Dd101 Tma07

Examine and assess the idea that the authority of the state to govern is always contested.

The state can be thought of in many terms. Some might say ‘the government’; some might say different institutions such as their school or hospital. The state is less solid and more complex than this. In order to examine and assess the idea that the authority of the state to govern is always being contested this essay will look at various pieces of evidence to argue both sides of this claim.

The German sociologist Max Weber defined the state as “An organisation that successfully claims a monopoly of the legitimate use of force in a given territory”, (Blakely & Saward, 2009, Pg 361). The organisation or political party voted into Downing Street are given political legitimacy by achieving the majority, monopoly, of the UK vote. In effect, this party is given the authority to govern by the majority of voters. It can be said however that this is always contested as there are hundreds
of thousands of voters that will vote to elect an opposing party. The purpose of this essay is to examine other evidence that shows this challenge to the authority of the state and assess the idea that this challenge is always there in various forms.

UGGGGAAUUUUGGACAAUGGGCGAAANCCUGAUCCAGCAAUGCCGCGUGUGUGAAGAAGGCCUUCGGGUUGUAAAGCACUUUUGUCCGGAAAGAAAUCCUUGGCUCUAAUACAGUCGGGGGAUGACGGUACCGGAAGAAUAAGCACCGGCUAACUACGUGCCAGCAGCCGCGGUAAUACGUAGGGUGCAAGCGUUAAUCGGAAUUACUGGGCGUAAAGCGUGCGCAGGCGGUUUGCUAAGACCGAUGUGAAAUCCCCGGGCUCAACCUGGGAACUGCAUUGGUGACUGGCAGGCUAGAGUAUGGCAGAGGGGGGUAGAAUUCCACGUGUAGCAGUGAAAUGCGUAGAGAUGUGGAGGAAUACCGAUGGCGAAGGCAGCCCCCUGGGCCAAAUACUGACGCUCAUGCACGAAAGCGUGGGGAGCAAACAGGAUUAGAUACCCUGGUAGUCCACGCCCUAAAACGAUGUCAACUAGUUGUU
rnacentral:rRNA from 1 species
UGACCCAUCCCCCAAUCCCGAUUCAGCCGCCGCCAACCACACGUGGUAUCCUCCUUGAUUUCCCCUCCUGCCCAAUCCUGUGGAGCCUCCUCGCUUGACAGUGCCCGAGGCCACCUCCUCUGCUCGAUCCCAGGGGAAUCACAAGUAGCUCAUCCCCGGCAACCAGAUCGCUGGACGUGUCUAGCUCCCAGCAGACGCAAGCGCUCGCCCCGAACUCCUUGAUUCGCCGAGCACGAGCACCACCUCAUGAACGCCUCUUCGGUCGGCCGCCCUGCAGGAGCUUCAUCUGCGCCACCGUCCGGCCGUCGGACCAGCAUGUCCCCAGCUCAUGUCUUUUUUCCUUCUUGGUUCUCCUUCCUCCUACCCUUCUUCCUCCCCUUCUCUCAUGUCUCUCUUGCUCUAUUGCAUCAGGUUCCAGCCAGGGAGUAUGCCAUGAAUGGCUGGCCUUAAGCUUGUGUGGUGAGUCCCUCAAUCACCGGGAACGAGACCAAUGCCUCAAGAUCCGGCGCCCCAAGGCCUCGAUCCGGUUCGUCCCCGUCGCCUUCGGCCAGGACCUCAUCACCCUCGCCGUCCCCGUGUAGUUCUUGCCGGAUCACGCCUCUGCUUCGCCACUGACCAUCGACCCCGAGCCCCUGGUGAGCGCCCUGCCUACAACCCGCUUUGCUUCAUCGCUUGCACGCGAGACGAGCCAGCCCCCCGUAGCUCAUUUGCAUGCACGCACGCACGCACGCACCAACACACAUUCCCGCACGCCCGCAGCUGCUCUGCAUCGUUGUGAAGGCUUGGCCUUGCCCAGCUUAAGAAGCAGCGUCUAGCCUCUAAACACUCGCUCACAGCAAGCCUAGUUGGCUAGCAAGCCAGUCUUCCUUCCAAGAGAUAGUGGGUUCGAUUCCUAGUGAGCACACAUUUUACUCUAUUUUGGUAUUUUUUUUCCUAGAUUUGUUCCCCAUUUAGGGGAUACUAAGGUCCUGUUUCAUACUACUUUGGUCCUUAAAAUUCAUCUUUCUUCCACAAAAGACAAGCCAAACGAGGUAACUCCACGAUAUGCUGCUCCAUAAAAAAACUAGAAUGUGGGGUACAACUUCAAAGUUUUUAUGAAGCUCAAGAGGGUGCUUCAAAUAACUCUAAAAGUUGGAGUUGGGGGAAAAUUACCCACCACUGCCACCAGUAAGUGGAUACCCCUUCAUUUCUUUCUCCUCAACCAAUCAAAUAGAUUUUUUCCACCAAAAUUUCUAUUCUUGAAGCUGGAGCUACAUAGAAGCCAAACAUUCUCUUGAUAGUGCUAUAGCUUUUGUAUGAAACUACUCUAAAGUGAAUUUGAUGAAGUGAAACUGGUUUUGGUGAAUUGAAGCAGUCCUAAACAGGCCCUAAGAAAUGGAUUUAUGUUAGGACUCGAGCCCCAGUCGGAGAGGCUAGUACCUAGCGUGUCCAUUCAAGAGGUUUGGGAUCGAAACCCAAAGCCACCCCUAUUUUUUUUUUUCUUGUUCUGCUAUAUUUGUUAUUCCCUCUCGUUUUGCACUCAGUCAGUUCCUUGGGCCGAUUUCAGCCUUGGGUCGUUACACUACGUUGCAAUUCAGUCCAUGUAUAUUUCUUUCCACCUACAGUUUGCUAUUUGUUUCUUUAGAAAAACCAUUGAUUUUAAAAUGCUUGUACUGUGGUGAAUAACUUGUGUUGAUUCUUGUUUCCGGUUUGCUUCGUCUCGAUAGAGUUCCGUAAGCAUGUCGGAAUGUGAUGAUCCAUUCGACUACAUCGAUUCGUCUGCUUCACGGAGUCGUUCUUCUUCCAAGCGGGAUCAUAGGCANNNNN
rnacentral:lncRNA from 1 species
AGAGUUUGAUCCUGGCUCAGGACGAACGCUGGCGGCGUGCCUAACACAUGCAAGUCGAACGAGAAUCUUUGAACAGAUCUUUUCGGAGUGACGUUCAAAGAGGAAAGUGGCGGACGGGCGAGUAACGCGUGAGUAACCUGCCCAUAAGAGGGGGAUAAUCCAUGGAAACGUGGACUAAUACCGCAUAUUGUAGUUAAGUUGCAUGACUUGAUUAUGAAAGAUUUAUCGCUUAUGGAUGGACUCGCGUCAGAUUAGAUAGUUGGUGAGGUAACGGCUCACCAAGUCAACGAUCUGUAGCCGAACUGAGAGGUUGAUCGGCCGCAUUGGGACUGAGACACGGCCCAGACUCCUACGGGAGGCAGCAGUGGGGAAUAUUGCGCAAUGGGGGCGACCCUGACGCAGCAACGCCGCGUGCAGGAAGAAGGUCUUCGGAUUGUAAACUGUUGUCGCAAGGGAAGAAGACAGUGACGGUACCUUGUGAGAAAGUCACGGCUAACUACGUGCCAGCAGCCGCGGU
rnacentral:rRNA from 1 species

Political theorist John Hoffman counter argues Weber’s theory, he argues that the state cannot claim a monopoly of the legitimate use of force as this is simply not possible. This claim on monopoly is continually contested by ‘competitors’, i.e. criminals, terrorists, etc. If this claim was indeed true, Hoffman argues that there would no need for a governing state as everyone would act peacefully and regard all laws as legitimate, (Blakely & Saward, 2009, Pg 373).

The first piece of evidence that will be looked at is that of Jill’s story. Now as Blakely and Saward point out on page 352 of Exploring Social Lives, 2009. Jill’s story is a typical one. The everyday activities of work, dropping her child at nursery. Her...